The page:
There has been no confirmation of when England will play next, but a large training group was announced on Friday ahead of a proposed Test series with West Indies on home soil, as well as one-day games against Ireland.

    England and Wales Cricket Board performance director Mo Bobat said: "It's really pleasing to be in a position to have players returning to training and a huge amount of work has been done by many to get us this far. 

    "The pool of players will give selectors strong options when it comes to selecting squads across formats further down the line, as we move closer to our aim of playing international cricket this summer. 

    "We will need to continue to work closely with our medical team and government to ensure that our return to training and play activities are in line with best-practice guidelines. 

    "We're also really grateful for the positive and collaborative response from our county colleagues who are doing a great job at facilitating coaching and support for the players. The fact that we can call on our network to support the national effort shows the strength of our system."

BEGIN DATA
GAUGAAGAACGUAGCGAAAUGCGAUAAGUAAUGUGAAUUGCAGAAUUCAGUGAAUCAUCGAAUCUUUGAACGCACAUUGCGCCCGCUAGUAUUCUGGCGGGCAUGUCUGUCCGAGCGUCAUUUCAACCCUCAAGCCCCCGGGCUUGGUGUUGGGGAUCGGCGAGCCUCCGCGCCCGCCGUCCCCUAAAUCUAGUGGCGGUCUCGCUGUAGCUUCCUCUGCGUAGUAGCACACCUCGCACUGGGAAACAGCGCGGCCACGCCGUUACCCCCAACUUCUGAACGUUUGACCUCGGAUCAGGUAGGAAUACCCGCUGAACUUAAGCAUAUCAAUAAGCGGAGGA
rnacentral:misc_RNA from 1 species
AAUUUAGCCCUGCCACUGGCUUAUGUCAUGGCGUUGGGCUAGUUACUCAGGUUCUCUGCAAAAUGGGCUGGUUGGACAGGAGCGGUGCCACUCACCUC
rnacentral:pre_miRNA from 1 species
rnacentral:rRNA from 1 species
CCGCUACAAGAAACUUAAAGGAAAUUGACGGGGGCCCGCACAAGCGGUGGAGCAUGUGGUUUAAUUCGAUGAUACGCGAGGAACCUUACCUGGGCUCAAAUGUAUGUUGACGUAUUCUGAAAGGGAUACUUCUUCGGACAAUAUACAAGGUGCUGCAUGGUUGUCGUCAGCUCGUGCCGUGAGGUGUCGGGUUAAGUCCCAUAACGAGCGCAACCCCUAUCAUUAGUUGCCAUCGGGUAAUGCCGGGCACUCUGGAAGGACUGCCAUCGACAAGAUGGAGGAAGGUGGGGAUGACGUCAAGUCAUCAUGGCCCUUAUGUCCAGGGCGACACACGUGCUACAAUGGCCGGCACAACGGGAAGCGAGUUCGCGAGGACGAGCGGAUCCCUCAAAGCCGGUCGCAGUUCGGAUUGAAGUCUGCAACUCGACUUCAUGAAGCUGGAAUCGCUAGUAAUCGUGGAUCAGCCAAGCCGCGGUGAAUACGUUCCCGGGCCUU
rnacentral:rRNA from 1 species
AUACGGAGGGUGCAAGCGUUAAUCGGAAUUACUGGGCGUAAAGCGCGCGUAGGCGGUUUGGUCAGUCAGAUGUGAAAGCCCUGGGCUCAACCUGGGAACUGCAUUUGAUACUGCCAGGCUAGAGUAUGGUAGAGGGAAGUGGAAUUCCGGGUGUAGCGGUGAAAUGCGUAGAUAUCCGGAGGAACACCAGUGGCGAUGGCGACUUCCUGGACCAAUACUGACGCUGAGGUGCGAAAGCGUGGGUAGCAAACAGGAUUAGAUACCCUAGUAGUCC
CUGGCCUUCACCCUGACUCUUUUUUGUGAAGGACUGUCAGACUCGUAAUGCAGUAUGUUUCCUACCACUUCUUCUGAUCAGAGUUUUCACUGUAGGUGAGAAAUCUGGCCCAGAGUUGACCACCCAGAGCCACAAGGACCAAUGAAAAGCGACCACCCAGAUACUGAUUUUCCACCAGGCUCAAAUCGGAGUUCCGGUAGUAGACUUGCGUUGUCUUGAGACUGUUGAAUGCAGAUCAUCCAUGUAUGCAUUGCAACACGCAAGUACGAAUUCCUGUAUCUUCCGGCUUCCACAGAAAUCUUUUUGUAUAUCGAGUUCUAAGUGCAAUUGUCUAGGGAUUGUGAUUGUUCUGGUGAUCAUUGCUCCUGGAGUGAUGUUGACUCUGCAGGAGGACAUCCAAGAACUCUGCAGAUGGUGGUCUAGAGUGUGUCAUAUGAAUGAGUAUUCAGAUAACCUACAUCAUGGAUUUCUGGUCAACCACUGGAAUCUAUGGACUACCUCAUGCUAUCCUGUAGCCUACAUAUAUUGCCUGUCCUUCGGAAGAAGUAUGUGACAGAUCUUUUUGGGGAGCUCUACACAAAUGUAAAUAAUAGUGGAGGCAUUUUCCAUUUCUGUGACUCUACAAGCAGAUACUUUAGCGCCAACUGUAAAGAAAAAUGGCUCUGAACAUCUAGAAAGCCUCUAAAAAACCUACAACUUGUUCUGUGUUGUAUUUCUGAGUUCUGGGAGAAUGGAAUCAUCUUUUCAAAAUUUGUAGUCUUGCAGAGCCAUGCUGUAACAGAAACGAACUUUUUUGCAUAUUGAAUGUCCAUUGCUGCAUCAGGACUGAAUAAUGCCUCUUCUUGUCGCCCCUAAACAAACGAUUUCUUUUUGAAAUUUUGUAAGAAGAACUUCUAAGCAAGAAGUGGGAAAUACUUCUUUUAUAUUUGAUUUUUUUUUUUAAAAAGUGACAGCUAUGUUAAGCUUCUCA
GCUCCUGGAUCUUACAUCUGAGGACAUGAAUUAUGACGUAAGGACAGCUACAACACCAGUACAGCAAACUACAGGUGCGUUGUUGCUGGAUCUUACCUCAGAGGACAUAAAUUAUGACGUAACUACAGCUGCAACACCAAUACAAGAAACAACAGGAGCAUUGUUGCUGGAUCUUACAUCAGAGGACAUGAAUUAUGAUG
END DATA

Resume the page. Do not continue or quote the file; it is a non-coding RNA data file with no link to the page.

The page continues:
England training group: Moeen Ali, James Anderson, Jofra Archer, Jonny Bairstow, Tom Banton, Dom Bess, Sam Billings, James Bracey, Stuart Broad, Henry Brookes, Pat Brown, Rory Burns, Jos Buttler, Brydon Carse, Mason Crane, Zak Crawley, Sam Curran, Tom Curran, Liam Dawson, Joe Denly, Ben Duckett, Laurie Evans, Ben Foakes, Richard Gleeson, Lewis Gregory, Sam Hain, Tom Helm, Will Jacks, Keaton Jennings, Chris Jordan, Tom Kohler-Cadmore, Dan Lawrence, Jack Leach, Liam Livingstone, Saqib Mahmood, Dawid Malan, Eoin Morgan, Craig Overton, Jamie Overton, Matt Parkinson, Ollie Pope, Adil Rashid, Ollie Robinson, Joe Root, Jason Roy, Phil Salt, Dom Sibley, Ben Stokes, Olly Stone, Reece Topley, James Vince, Amar Virdi, David Willey, Chris Woakes, Mark Wood.

© 2020 SportsMaxTV All Rights Reserved.